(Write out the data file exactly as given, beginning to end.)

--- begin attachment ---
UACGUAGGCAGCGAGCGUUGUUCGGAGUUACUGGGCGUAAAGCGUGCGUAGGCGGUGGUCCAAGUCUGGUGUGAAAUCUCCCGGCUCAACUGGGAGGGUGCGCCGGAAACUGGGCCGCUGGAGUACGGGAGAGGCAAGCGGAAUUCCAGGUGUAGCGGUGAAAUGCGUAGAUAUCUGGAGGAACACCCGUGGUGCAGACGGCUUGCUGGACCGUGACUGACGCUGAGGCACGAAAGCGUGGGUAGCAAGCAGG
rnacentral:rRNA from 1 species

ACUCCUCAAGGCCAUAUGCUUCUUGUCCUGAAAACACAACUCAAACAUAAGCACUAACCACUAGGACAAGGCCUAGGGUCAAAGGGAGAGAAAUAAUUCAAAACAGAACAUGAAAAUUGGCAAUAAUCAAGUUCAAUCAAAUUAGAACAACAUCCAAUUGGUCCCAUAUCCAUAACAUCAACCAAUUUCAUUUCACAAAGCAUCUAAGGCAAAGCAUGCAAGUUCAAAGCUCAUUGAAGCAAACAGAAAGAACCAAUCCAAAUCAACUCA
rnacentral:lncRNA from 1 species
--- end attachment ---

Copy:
UACGUAGGCAGCGAGCGUUGUUCGGAGUUACUGGGCGUAAAGCGUGCGUAGGCGGUGGUCCAAGUCUGGUGUGAAAUCUCCCGGCUCAACUGGGAGGGUGCGCCGGAAACUGGGCCGCUGGAGUACGGGAGAGGCAAGCGGAAUUCCAGGUGUAGCGGUGAAAUGCGUAGAUAUCUGGAGGAACACCCGUGGUGCAGACGGCUUGCUGGACCGUGACUGACGCUGAGGCACGAAAGCGUGGGUAGCAAGCAGG
rnacentral:rRNA from 1 species

ACUCCUCAAGGCCAUAUGCUUCUUGUCCUGAAAACACAACUCAAACAUAAGCACUAACCACUAGGACAAGGCCUAGGGUCAAAGGGAGAGAAAUAAUUCAAAACAGAACAUGAAAAUUGGCAAUAAUCAAGUUCAAUCAAAUUAGAACAACAUCCAAUUGGUCCCAUAUCCAUAACAUCAACCAAUUUCAUUUCACAAAGCAUCUAAGGCAAAGCAUGCAAGUUCAAAGCUCAUUGAAGCAAACAGAAAGAACCAAUCCAAAUCAACUCA
rnacentral:lncRNA from 1 species